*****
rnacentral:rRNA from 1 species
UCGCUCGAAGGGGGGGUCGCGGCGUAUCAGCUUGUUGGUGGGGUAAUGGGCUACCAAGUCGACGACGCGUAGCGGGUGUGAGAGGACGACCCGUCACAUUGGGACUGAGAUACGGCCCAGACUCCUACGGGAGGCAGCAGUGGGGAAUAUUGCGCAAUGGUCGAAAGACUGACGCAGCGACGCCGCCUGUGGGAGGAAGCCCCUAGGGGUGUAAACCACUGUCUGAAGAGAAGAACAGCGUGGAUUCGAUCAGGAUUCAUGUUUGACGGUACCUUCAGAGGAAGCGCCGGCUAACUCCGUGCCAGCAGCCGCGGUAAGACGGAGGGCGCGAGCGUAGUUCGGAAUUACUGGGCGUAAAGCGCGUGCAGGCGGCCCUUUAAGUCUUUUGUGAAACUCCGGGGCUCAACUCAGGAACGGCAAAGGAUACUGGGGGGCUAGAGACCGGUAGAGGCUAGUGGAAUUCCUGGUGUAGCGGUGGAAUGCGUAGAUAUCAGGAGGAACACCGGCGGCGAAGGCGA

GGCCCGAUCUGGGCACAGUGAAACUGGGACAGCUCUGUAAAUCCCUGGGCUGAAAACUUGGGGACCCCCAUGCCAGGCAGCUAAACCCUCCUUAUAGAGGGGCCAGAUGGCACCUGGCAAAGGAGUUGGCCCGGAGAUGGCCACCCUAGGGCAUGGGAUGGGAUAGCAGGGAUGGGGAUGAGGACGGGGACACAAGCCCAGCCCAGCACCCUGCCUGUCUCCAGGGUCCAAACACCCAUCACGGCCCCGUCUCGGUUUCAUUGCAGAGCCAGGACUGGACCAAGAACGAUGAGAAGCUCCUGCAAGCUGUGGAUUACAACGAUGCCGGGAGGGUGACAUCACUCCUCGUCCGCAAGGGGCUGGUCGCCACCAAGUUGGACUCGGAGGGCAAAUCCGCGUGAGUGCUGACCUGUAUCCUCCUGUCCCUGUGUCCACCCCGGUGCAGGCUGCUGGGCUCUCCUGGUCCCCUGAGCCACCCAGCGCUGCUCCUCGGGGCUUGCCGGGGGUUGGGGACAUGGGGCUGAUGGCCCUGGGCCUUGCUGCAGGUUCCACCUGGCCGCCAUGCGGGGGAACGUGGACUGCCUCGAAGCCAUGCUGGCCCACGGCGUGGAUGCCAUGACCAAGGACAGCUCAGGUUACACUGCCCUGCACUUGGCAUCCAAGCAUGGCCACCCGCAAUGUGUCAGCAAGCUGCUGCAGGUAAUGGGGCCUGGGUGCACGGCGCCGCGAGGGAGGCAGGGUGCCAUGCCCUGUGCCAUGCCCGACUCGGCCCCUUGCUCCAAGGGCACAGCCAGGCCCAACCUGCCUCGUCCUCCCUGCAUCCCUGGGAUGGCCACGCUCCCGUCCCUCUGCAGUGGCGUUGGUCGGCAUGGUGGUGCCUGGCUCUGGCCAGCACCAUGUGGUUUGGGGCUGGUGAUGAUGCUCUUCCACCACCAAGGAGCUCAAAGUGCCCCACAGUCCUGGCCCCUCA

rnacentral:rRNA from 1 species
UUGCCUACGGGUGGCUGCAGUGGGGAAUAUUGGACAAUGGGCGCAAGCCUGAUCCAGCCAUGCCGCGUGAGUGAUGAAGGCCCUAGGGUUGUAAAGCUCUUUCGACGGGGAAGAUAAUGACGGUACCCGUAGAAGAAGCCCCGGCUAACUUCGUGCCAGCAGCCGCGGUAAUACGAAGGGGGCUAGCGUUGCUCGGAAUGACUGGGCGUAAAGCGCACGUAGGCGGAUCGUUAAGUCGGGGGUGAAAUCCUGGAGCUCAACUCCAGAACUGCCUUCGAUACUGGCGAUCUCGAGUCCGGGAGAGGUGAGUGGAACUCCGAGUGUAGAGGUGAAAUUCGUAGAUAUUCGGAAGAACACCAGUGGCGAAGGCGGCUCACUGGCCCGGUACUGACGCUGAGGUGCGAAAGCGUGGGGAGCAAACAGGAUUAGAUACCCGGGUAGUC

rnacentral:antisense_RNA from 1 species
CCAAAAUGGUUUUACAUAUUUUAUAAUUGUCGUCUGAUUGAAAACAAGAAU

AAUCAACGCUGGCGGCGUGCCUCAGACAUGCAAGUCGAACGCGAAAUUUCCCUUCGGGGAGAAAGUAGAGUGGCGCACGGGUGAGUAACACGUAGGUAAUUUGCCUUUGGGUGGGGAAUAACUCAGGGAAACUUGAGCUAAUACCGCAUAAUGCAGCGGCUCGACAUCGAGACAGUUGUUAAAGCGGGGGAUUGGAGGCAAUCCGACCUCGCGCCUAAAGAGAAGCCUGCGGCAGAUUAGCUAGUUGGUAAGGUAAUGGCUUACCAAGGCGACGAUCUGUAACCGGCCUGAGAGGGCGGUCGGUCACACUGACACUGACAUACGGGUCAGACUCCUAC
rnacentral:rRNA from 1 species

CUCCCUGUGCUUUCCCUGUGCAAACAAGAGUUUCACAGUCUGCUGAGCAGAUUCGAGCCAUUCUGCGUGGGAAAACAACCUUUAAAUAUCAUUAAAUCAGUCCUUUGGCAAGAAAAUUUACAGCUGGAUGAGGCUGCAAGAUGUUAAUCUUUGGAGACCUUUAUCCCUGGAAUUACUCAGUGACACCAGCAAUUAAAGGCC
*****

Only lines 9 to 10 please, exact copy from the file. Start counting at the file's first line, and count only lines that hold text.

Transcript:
rnacentral:rRNA from 1 species

CUCCCUGUGCUUUCCCUGUGCAAACAAGAGUUUCACAGUCUGCUGAGCAGAUUCGAGCCAUUCUGCGUGGGAAAACAACCUUUAAAUAUCAUUAAAUCAGUCCUUUGGCAAGAAAAUUUACAGCUGGAUGAGGCUGCAAGAUGUUAAUCUUUGGAGACCUUUAUCCCUGGAAUUACUCAGUGACACCAGCAAUUAAAGGCC